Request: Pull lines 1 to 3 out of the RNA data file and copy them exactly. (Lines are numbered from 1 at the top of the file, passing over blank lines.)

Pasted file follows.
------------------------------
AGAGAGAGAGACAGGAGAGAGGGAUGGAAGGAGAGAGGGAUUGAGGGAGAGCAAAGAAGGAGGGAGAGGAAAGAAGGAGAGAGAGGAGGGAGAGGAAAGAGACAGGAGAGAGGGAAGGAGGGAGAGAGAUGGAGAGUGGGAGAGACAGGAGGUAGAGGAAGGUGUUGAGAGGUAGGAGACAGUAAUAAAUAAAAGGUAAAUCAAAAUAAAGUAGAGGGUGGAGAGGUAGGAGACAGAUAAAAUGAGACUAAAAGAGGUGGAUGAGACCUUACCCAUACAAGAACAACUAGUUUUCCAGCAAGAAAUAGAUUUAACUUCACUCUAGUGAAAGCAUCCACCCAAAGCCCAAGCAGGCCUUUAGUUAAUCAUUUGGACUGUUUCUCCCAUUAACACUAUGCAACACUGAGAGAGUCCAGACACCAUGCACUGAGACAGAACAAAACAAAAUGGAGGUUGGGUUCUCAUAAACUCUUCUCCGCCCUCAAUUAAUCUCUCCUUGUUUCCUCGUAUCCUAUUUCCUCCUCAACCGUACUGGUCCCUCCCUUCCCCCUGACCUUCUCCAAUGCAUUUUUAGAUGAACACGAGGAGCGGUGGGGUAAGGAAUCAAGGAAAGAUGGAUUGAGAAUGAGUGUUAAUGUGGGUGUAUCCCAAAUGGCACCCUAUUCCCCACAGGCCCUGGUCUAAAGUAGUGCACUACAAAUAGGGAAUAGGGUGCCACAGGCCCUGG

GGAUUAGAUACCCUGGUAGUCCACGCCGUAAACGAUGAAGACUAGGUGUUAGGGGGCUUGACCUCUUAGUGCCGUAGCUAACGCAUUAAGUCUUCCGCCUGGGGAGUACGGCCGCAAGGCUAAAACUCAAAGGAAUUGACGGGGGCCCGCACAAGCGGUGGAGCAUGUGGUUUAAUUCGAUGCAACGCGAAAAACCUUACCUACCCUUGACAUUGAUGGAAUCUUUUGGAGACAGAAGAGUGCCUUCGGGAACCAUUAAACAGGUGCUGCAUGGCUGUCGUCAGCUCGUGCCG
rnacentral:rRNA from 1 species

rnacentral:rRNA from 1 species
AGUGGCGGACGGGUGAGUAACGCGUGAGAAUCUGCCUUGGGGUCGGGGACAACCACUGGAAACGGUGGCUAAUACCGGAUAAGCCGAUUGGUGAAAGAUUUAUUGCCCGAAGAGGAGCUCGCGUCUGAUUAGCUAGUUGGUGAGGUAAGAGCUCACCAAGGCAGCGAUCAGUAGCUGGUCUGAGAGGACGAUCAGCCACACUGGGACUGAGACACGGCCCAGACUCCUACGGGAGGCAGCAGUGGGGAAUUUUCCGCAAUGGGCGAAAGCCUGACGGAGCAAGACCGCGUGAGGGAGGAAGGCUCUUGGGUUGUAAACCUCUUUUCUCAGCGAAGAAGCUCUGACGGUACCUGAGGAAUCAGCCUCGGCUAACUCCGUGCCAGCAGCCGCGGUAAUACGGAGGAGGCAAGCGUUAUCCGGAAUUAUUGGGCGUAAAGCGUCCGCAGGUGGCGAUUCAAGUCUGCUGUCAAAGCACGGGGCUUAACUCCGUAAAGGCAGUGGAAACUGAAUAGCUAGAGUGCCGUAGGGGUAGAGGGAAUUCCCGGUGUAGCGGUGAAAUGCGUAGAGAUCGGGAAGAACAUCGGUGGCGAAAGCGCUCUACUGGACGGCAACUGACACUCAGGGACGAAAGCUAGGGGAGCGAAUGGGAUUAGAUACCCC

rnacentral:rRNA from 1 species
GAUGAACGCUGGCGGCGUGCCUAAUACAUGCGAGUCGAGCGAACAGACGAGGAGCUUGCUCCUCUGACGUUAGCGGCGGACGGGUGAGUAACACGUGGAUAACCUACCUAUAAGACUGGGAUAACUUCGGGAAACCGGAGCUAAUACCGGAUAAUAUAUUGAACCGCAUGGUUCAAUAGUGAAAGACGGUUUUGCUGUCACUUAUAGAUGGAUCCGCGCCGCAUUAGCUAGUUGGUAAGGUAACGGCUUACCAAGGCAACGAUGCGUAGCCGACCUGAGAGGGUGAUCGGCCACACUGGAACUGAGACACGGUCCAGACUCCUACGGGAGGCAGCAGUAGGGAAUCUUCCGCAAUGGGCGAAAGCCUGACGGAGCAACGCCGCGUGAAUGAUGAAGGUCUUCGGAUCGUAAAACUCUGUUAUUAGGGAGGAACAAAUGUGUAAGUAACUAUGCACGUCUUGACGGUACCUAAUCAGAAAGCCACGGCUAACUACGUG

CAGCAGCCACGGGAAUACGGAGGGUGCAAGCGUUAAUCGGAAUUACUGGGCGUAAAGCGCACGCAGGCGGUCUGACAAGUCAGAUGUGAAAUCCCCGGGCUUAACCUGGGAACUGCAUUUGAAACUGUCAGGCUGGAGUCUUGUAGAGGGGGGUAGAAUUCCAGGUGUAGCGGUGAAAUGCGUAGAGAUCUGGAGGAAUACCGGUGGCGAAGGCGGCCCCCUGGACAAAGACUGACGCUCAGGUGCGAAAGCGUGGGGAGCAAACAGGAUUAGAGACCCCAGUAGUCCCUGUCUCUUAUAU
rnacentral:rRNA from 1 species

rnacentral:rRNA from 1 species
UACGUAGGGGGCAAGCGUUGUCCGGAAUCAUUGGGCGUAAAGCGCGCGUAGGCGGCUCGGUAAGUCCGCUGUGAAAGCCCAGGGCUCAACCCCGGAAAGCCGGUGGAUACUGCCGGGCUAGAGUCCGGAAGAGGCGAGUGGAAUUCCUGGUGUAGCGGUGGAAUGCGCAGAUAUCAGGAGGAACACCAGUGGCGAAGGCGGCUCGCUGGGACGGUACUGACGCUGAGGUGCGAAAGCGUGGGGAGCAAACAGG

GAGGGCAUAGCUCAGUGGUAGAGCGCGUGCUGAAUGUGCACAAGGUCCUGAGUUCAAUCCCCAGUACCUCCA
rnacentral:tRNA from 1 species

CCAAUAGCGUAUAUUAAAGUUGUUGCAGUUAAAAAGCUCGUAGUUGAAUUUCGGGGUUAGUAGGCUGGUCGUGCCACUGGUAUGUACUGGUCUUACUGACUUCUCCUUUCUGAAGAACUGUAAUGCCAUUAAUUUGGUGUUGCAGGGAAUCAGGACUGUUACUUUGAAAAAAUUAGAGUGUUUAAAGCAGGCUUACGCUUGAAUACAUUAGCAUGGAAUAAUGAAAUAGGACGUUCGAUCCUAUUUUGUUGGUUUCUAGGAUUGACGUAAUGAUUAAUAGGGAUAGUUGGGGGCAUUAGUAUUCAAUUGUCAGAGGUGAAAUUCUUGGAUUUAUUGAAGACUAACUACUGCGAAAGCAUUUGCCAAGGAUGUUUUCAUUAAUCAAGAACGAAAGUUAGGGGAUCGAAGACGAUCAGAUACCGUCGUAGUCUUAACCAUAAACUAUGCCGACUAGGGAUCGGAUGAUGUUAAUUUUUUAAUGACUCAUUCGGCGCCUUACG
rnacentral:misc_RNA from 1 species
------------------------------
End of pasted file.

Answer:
AGAGAGAGAGACAGGAGAGAGGGAUGGAAGGAGAGAGGGAUUGAGGGAGAGCAAAGAAGGAGGGAGAGGAAAGAAGGAGAGAGAGGAGGGAGAGGAAAGAGACAGGAGAGAGGGAAGGAGGGAGAGAGAUGGAGAGUGGGAGAGACAGGAGGUAGAGGAAGGUGUUGAGAGGUAGGAGACAGUAAUAAAUAAAAGGUAAAUCAAAAUAAAGUAGAGGGUGGAGAGGUAGGAGACAGAUAAAAUGAGACUAAAAGAGGUGGAUGAGACCUUACCCAUACAAGAACAACUAGUUUUCCAGCAAGAAAUAGAUUUAACUUCACUCUAGUGAAAGCAUCCACCCAAAGCCCAAGCAGGCCUUUAGUUAAUCAUUUGGACUGUUUCUCCCAUUAACACUAUGCAACACUGAGAGAGUCCAGACACCAUGCACUGAGACAGAACAAAACAAAAUGGAGGUUGGGUUCUCAUAAACUCUUCUCCGCCCUCAAUUAAUCUCUCCUUGUUUCCUCGUAUCCUAUUUCCUCCUCAACCGUACUGGUCCCUCCCUUCCCCCUGACCUUCUCCAAUGCAUUUUUAGAUGAACACGAGGAGCGGUGGGGUAAGGAAUCAAGGAAAGAUGGAUUGAGAAUGAGUGUUAAUGUGGGUGUAUCCCAAAUGGCACCCUAUUCCCCACAGGCCCUGGUCUAAAGUAGUGCACUACAAAUAGGGAAUAGGGUGCCACAGGCCCUGG

GGAUUAGAUACCCUGGUAGUCCACGCCGUAAACGAUGAAGACUAGGUGUUAGGGGGCUUGACCUCUUAGUGCCGUAGCUAACGCAUUAAGUCUUCCGCCUGGGGAGUACGGCCGCAAGGCUAAAACUCAAAGGAAUUGACGGGGGCCCGCACAAGCGGUGGAGCAUGUGGUUUAAUUCGAUGCAACGCGAAAAACCUUACCUACCCUUGACAUUGAUGGAAUCUUUUGGAGACAGAAGAGUGCCUUCGGGAACCAUUAAACAGGUGCUGCAUGGCUGUCGUCAGCUCGUGCCG
rnacentral:rRNA from 1 species